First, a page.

Kettlebell swing You're probably doing it wrong


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The kettlebell swing is beneficial for practically every athlete. Also for bodybuilders and powerlifters. It improves your deadlift and when you do high reps it is an excellent way of aerobic conditioning. But you’re probably doing the exercise wrong.

In the kettlebell swing, you swing a kettlebell forward and upward with one or both hands, drawing a partial circle in the air. It is essential to initiate the movement from the hips and only slightly bend your knees. Concentrate on swinging the kettlebell forward rather than upward.


The kettlebell swing is a fairly specialized and dynamic exercise. By ‘specialist’ we mean that you have not mastered the exercise one-two-three. The learning curve is steep. Without resorting to physics jargon, by “dynamic” we mean the way the force is produced throughout the body and the continuous nature of the exercise, with the reps flowing smoothly into one. In fact, the kettlebell swing is a pull movement, but the black and white division into push and pull movements doesn’t really do justice to the unique movement that is swinging.

Because of that dynamic, the kettlebell swing is ideal for cardiovascular training. Plus the fact that it’s more or less a full body exercise. You can essentially turn any ‘strength’ exercise into an aerobic exercise, but a kettlebell makes it just that little bit better. Kettlebell training is originally intended to work on your strength and condition at the same time. It is a very handy and versatile tool. A dumbbell is not so easy to lie around.


The kettlebell swing is a multi-joint exercise, or an exercise that involves movement in multiple joints and therefore involves multiple (large) muscle groups. You mainly train your glutes and hamstrings with it. You will also feel the exercise slightly in your shoulders and back. The kettlebell swing has a significant carryover to the deadlift, due to the explosive extension of the hips, which is essential to the exercise.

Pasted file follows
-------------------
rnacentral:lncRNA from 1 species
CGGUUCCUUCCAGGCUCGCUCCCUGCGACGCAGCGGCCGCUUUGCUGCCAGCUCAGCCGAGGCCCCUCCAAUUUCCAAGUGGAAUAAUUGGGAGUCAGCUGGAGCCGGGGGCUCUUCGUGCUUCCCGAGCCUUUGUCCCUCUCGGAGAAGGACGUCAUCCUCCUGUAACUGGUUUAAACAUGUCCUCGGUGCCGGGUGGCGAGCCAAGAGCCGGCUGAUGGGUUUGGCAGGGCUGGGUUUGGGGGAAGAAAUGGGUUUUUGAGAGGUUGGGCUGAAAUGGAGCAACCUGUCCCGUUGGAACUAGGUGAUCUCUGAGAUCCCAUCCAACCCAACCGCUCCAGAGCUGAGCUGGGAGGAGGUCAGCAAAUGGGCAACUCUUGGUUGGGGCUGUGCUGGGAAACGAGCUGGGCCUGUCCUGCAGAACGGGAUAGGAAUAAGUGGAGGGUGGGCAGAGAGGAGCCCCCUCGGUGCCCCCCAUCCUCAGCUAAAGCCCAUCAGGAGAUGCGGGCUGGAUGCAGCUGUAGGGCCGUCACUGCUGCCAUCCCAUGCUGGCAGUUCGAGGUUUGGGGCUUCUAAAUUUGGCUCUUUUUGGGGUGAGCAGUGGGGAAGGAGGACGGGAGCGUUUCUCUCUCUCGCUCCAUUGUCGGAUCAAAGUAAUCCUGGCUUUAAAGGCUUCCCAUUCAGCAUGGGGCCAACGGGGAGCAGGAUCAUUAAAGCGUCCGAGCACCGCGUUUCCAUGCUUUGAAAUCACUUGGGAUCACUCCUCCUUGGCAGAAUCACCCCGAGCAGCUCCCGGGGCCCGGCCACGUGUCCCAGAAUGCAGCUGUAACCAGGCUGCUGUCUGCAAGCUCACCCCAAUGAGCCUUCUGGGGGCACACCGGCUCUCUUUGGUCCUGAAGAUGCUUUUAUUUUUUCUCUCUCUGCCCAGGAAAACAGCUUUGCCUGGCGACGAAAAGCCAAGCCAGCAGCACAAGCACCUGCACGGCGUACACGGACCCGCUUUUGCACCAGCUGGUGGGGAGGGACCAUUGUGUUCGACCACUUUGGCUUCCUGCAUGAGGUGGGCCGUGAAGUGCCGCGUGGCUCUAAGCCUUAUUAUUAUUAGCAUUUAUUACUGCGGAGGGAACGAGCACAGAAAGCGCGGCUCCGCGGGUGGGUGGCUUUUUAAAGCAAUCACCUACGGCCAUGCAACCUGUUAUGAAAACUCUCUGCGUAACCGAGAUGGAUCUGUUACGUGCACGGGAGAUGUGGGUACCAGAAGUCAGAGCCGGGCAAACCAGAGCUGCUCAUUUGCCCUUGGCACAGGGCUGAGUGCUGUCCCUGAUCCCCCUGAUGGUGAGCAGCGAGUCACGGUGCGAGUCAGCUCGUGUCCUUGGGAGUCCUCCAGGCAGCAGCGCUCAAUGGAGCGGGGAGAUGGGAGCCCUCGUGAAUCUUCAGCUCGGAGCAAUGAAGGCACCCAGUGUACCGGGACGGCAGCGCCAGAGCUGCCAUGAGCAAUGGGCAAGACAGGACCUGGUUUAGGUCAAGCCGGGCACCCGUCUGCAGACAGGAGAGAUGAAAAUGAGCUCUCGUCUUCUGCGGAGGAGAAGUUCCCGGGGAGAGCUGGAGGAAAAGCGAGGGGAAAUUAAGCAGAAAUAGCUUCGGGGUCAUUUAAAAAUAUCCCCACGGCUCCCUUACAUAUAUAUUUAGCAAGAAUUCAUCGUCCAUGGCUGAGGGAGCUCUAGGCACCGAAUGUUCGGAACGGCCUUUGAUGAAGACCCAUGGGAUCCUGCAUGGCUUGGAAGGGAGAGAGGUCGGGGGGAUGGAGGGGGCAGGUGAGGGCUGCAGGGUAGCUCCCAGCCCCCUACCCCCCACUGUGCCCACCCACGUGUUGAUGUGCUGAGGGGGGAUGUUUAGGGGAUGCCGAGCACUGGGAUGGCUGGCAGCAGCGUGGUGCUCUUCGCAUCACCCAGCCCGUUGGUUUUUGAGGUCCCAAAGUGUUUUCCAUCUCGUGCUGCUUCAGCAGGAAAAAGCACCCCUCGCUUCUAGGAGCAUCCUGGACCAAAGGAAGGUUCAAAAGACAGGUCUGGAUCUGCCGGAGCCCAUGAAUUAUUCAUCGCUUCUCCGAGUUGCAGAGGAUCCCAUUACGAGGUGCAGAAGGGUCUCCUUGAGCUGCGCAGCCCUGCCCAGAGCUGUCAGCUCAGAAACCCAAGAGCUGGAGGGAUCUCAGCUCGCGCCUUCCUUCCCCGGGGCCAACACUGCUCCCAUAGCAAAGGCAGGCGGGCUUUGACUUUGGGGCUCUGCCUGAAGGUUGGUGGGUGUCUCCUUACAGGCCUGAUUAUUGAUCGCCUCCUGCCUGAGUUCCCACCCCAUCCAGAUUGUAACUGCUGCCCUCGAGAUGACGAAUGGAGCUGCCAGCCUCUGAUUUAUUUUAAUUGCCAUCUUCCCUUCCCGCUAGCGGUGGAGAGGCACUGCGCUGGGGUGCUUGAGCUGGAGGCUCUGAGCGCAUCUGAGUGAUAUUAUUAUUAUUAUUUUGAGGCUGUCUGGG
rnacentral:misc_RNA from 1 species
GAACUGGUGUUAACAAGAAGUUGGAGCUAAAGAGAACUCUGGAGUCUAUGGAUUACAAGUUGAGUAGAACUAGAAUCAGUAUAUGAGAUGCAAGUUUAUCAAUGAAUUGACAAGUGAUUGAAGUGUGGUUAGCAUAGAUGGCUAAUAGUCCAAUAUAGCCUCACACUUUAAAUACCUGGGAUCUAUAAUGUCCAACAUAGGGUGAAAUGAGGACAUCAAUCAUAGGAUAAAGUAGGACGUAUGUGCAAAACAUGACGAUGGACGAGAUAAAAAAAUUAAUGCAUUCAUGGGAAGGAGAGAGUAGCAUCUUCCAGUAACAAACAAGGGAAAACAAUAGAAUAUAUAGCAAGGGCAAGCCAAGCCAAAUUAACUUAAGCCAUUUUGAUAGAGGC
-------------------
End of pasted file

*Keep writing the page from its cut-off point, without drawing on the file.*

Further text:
For pure hypertrophy, the exercise, in our view, falls somewhat short.


As we said before, it’s important not to ‘squat’ the kettlebell swing — a common mistake. The movement is initiated by the hips and the degree of knee bending is minimal.

The exercise is certainly not a front raise (forward shoulder lift); your shoulders play a passive role in the exercise.

You perform the exercise with a slightly wider than shoulder-wide foot position. You hold the kettlebell – with one or two hands – with an overhand grip. Now start the movement by bending your hips (butt back considerably) and slightly bending your knees: the so-called hip hinge movement. Now forcefully extend your hips and knees, swinging the kettlebell forward and upward until your arms are slightly past parallel to the floor. (In the Russian version, swing until your arms are perpendicular to the floor/aligned with your body.)

Now lower the kettlebell with arms extended and absorb the impact by bending hips and knees, returning you to the starting position for the next rep.

Keep your back straight and arms extended throughout the exercise. Again, your shoulders do not play an active role in the exercise and your arms are best viewed as a pendulum.


As with any exercise, a weight that is too heavy can lead to incorrect execution. This is even more true with the kettlebell swing. If you choose a kettlebell that is too heavy, you will inevitably involve too much ‘knee’ and ‘shoulder’ in the exercise, causing you to miss your goal of training the hips. So choose a weight that does not stand in the way of an impeccable execution. For beginners, 16 kg for men and 12 kg for women is usually good advice.

You can do high numbers of reps and make the kettlebell swing your favorite aerobic conditioning exercise. But if you’re mainly doing the exercise as an auxiliary exercise for your deadlift, it’s best to limit the number of reps to a maximum of ten.

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